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PROTOCOL FOR COLLECTING TISSUE

This protocol can be downloaded as a PDF for printing if necessary.

If the owners wish, they can have their rabbit’s body back for burial after the following procedure. It will take 10-20 minutes. Most of the time is spent stitching the incision. Sufficient quantity of formol saline (formalin; 10% neutral buffered formalin)  is required. The tissues that need to be collected and submitted are:

  • Heart and lungs (whole organs)
  • Piece of liver (plus another to be frozen)
  • Whole kidney
  • Piece of, or whole, spleen

The histopathologist is willing to look at any additional tissues that are submitted so any other abnormal tissue of interest is found during post-mortem examination, it can be included and sent with the rest of the samples.

Protocol

  • Find a large necked container ( e.g a clean tub that had tablets in it or a plastic lunchbox). Fill it with 50 to 100mls formol saline to fix the tissue.
  • A camera close to hand is an advantage. Photos of any abnormalities are always useful.
  • Make a midline skin incision from throat to pubis and expose the musculature beneath
  • Free some of the skin from the musculature so that it is away from the incision. This prevents hair entering the body cavity and blood contaminating the fur.
  • To open the abdomen, tent the skin for the initial small nick so that air can enter and the linea alba can be cut without opening the caecum. Extend the incision from xiphisternum to pubis. It can be helpful to incise the muscles following the line of the ribs and pubic brim. This allows the muscles to be folded back to expose more of the viscera without letting them displace too much. However, it is more difficult to repair the incision at the end of the procedure
  • Look at the gross appearance of the viscera and presence of any fluid, blood or ingesta in the abdominal cavity.
  • Is the stomach distended and filled with fluid and gas? If so, look for a small intestinal obstruction especially at the pyloric end of the duodenum. The common causes of obstruction are pellets of impacted fur or neoplasia .
  • Examine the liver and assess its size and colour. Take a representative sample (about 2cm of tissue) and place it in the formol saline for histopathology and collect another 2x2cm sample to freeze (unfixed) and submit for PCR testing for Rabbit Haemorrhagic Disease.
  • Lift the stomach and examine the spleen attached to the stomach by lesser omentum. Remove at least half the spleen and put into the formol saline.
  • Move the guts to the right and find the left kidney (and adrenal gland) Note the size and surface of the kidney. Do the same on the other side. Remove at least one kidney and put into formol saline.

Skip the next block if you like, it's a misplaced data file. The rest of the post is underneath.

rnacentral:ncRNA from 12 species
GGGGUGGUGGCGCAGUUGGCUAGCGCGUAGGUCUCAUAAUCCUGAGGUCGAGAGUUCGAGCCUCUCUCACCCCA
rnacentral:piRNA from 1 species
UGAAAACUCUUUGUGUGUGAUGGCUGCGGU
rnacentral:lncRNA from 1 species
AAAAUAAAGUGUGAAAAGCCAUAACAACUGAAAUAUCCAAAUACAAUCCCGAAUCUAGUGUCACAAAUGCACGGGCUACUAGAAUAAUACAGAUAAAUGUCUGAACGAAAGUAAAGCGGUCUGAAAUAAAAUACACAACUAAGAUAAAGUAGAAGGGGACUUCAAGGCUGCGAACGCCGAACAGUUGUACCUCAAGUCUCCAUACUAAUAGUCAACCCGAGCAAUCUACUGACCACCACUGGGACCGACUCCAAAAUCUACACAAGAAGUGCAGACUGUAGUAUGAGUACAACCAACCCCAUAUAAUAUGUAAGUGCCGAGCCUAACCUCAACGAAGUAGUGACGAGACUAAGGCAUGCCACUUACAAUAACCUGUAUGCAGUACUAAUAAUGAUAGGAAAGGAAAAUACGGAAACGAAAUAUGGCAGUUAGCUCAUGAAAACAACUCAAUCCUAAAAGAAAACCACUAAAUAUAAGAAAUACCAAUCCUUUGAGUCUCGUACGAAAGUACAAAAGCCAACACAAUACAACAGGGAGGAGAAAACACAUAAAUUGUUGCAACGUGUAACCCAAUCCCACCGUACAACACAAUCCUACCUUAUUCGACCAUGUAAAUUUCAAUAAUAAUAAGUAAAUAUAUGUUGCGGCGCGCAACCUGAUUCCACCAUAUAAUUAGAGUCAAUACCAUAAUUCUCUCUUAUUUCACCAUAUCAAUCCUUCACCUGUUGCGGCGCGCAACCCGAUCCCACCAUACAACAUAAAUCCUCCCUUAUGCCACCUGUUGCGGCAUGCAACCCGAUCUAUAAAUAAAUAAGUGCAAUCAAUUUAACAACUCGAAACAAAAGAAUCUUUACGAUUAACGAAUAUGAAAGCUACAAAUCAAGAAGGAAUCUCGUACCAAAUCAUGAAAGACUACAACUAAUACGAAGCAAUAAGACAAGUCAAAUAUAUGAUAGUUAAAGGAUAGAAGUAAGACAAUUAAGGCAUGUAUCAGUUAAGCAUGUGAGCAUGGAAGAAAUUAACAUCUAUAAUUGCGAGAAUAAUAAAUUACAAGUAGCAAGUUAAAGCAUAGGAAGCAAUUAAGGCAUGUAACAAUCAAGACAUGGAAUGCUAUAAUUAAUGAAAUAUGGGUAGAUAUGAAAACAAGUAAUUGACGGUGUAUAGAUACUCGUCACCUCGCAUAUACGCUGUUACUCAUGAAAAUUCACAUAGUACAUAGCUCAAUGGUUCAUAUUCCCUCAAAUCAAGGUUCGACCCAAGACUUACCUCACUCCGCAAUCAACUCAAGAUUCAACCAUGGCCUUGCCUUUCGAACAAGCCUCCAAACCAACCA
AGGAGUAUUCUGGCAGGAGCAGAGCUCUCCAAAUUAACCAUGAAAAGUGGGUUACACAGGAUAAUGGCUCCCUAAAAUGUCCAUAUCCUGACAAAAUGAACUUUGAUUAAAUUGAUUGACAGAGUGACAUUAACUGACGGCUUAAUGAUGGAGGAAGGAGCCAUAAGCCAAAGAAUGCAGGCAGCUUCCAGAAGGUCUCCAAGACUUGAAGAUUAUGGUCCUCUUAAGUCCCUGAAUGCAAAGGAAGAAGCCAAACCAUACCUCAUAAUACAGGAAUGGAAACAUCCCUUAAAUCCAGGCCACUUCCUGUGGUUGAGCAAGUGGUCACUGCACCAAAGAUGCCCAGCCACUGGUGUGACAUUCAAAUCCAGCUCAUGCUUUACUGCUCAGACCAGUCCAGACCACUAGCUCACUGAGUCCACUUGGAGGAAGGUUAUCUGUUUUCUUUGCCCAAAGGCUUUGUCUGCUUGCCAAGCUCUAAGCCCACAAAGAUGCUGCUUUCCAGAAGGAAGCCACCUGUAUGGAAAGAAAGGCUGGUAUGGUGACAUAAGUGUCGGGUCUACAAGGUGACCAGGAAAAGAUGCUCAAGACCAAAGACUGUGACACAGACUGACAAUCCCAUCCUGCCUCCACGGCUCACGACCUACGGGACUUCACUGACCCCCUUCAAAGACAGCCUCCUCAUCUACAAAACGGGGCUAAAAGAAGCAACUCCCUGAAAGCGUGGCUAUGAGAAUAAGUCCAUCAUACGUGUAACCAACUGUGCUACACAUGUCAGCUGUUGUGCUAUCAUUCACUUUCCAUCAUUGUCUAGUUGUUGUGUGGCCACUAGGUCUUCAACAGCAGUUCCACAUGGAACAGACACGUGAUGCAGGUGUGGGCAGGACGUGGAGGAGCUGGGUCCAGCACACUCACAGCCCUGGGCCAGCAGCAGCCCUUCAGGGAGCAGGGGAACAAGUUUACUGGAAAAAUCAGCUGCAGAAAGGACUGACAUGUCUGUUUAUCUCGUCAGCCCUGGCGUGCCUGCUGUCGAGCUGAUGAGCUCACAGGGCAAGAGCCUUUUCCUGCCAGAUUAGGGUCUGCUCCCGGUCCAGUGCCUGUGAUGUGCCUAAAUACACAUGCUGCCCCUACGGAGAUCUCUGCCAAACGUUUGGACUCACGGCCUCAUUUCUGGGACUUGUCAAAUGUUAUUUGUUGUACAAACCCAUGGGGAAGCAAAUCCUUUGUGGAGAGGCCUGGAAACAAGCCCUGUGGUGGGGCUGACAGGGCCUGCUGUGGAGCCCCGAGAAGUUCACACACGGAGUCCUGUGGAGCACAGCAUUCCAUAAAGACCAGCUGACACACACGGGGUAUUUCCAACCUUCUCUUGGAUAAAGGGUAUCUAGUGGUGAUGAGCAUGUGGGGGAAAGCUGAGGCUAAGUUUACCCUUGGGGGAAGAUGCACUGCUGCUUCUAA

• Examine the bladder and especially if a neutered female look for adhesions between bladder and uterine/vaginal stump.
  • Make a small nick in the diaphragm to allow the lungs to move away from the ventral thoracic wall and then incise alongside the sternum.
  • Retract the ribs and sternum to open the chest cavity. Note the external surface of heart and pericardium. Look at all the lungs in situ.
  • Incise up the neck to expose the trachea. Open the trachea to the pharynx to check for the presence of a foreign body. Note: The internal surface of the trachea in rabbits is naturally hyperaemic and red in colour.
  • Section the trachea and lift/dissect out the pluck. Examine the heart and lungs grossly and preferably gently palpate the lungs. Are the lungs discoloured, collapsed and reddish/pin in patches, obvious tumour or abscess?
  • Put the whole pluck into the formol saline but keep the cut edge of the trachea held in forceps and trickle formol saline into the trachea. Three to 5 mls is all that is needed to fix the lungs internally.Filling lungs with formol saline
  • Preferably inject a couple of mls of formol saline into the chambers of the heart, especially if the heart is large. Then immerse the whole pluck in formol saline.
  • Repair the incision. Paper towelling can be used to pack the chest cavity and absorb any blood

Store the piece of unfixed liver in a sealed container in a freezer until postage instructions are received. Once the other tissues have fixed  ( more than 48 hours), the formol saline can be drained off and the fixed tissues placed in a sealable plastic bag. This bag is then surrounded by paper towels, placed into another sealable bag and finally a padded envelope. This seems to sufficient protection for the tissues. Enclose the lab form and submit to the lab.